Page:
Player Profile – Willis Bentley

I was contacted a few months ago by Nick King who was looking for information on his great-great grandfather Willis Bentley as part of his family history research. Willis briefly played for Chester during the 1891/92 season, the club’s second season in the Combination League, when they were based in Faulkner Street. Between us we managed to piece together some information on his time playing for the club and Nick has put together this interesting biography with input from me in the Chester section.

WILLIS BENTLEY (1860-1916)

Willis Bentley was born in Sheffield in 1860, and played mainly as an amateur back / half back for major teams for ten years between 1882 and 1892.  He also played cricket in the summer months, mainly for his employers’ teams.

Willis lived in the northern industrial and terraced housing area of Sheffield all his life, and local sporting pages indicate that he started playing football as a teenager.  

In the period 1878 to 1882, he played for local teams Walkley FC, founded by his father in the 1850s, and Owlerton FC.  On the 1881 census he was a steel worker.

In 1882, Willis registered as a player for Sheffield Wednesday FC.  He played several games for them commencing January 1883 with an F A Cup match against Nottingham Forest, with a brief pause from November of the same year when he fractured his skull during a regional match between Sheffield and Birmingham at Aston, Warwickshire.  His final game for Wednesday was in 1885, with a letter in a local paper mentioning his health, and his registration formally ended in 1889.  

Willis got married in 1887 and newspaper reports indicate that he played for Owlerton between the years 1886 to 1888.  Around 1889, Willis found work as a (physical exercise) attendant at the Wadsley Asylum and formed a works team.  Soon after, he played a single match as goalkeeper for Sheffield United FC in their founding 1889/90 season.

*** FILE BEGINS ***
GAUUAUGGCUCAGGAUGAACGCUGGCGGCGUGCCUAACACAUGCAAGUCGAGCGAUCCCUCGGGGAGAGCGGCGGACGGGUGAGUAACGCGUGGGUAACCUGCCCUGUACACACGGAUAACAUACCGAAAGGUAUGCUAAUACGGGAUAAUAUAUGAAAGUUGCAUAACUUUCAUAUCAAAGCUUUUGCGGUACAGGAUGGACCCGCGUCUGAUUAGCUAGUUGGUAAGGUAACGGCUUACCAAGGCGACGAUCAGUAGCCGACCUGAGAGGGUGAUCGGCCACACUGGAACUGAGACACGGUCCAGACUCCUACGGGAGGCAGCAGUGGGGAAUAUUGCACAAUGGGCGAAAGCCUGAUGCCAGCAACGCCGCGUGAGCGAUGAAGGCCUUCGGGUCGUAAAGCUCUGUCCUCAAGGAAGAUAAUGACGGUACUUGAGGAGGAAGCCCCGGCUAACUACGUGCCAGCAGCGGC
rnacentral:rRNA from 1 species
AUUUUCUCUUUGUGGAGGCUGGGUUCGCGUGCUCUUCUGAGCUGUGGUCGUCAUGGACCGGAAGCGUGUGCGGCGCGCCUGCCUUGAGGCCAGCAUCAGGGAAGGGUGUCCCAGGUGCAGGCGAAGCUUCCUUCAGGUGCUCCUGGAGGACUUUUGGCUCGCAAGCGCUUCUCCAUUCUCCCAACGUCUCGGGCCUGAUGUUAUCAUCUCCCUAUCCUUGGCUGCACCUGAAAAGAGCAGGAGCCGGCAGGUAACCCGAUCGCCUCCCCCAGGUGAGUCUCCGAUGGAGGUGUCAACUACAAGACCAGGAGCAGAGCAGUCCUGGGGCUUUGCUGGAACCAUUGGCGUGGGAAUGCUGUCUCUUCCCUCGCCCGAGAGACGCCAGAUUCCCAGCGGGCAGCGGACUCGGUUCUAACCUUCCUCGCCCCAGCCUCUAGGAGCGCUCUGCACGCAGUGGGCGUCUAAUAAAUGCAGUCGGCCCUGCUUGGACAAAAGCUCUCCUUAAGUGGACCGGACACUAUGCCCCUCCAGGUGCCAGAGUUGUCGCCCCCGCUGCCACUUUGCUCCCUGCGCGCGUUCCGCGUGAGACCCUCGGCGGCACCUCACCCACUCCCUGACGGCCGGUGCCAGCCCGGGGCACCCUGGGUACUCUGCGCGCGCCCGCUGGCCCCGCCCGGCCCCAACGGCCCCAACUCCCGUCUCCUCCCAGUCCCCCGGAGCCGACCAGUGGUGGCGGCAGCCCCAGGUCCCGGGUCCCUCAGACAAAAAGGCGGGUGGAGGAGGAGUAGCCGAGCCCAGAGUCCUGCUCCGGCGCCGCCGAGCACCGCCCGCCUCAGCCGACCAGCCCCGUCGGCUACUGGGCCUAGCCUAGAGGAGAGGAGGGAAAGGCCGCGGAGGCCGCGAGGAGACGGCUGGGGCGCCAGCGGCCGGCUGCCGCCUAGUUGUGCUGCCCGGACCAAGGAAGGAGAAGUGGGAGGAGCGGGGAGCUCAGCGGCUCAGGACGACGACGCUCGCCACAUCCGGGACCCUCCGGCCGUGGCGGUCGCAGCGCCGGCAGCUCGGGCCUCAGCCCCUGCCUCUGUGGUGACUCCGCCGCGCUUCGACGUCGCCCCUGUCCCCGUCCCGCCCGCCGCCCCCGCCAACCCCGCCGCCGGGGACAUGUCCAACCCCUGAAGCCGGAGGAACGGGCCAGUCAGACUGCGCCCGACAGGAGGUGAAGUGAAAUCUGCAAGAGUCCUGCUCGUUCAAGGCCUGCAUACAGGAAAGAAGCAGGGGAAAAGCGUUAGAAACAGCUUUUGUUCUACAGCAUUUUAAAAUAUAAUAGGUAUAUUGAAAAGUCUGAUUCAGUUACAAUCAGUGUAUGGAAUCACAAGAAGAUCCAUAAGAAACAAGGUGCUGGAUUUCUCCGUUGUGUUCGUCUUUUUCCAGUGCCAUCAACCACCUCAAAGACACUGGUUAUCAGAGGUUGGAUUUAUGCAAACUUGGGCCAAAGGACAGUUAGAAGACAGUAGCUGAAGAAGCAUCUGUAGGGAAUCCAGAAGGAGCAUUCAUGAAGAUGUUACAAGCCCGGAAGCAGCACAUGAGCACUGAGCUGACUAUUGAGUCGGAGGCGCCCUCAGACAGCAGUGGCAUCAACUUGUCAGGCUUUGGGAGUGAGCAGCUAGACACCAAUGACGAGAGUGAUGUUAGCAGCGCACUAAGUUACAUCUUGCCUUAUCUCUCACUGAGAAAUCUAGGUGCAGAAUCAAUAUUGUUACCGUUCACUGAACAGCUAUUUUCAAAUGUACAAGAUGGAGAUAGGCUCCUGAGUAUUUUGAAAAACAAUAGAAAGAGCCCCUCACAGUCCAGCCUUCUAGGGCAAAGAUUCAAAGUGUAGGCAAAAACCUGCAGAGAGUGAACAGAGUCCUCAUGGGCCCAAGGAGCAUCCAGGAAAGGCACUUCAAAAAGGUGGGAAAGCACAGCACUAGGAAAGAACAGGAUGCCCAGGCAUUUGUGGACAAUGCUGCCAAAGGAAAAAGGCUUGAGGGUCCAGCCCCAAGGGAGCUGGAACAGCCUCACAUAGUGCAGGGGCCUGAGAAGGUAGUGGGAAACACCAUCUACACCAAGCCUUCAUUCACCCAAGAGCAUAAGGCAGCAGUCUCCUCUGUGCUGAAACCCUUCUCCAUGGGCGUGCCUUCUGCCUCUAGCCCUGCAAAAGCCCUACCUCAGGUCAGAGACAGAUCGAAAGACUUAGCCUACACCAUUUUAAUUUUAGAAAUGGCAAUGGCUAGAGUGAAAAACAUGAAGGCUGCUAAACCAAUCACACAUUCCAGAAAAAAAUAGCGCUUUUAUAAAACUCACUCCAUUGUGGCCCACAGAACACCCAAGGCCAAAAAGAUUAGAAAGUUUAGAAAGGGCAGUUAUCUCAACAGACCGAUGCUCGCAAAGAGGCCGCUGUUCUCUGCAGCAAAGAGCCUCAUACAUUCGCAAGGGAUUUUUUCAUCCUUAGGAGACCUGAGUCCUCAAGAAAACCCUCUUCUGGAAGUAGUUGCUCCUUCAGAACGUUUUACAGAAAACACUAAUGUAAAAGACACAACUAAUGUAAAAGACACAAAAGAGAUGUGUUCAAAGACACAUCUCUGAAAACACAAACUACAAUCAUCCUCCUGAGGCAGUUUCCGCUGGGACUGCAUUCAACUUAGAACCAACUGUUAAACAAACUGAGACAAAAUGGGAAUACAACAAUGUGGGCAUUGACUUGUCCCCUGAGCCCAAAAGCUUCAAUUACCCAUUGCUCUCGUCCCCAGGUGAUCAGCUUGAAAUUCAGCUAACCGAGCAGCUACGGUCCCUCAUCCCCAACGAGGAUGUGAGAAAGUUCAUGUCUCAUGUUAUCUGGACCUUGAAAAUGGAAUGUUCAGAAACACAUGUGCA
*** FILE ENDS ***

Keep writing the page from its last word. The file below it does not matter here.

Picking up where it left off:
Whilst still employed by the Asylum, Willis joined Gainsborough Trinity for their 1890/91 season, in which they won the Lincolnshire Cup and Midland League medals.  Unlike his service with previous teams, this presumably involved considerable travel on trains.

Willis started 1891 playing for Trinity but, for unknown reasons, moved to Chester where he  participated in a trial match at the start of September. The match attracted a lot of local interest and Willis, who played as a forward, was picked out for his performance although the Cheshire Observer reported that he received little help from Newton, one of the other forwards.

He made his Chester debut in the second Combination fixture of the season, a home game against Denton at Faulkner Street which finished 3-3. In the next game against Stoke Swifts a “fearfully disorganised” Chester were heavily beaten 9-1. However Willis seems to have come out of the game with his reputation intact with the report stating that his play had greatly improved and that he promises to develop into a good back. He was again complemented on his performance in the friendly against Halliwell where it was mentioned that the club had finally secured his services.

After playing in both the league game and FA Cup tie at home to Wrexham he missed the league game against Everton Reserves through injury but returned for his final game, against Macclesfield in November. By the end of December Willis had returned to Gainsborough Trinity where he remained for a few more months.

After ‘retirement’ from playing, sometime after 1892, Willis coached junior teams and playing cricket for Neepsend Gas Works.  From the late 1890s on, Willis worked as a gas stoker alongside celebrated Wednesday player Billy Betts, who had been active with the team at the same time as Willis.    

Willis died from pneumonia in 1916.  He had four children, but only one survived infancy.

Further Reading

‘Sheffield Wednesday FC: The Official History 1867-2017’ by Jason Dickinson (ISBN: 9781445619538)

“The Origins of Sheffield Wednesday” by Jason Dickinson (ISBN: 1445619709)

‘The Men Who Made Sheffield Wednesday FC’ 2007 by Tony Matthews (ISBN: 9780752441566)

‘Trinity Champions’ by Andrew Stothard. 

‘On the Borderline: Official History of Chester City F.C.’ 1st Edition by Chas Sumner (ISBN: 9781874427520)

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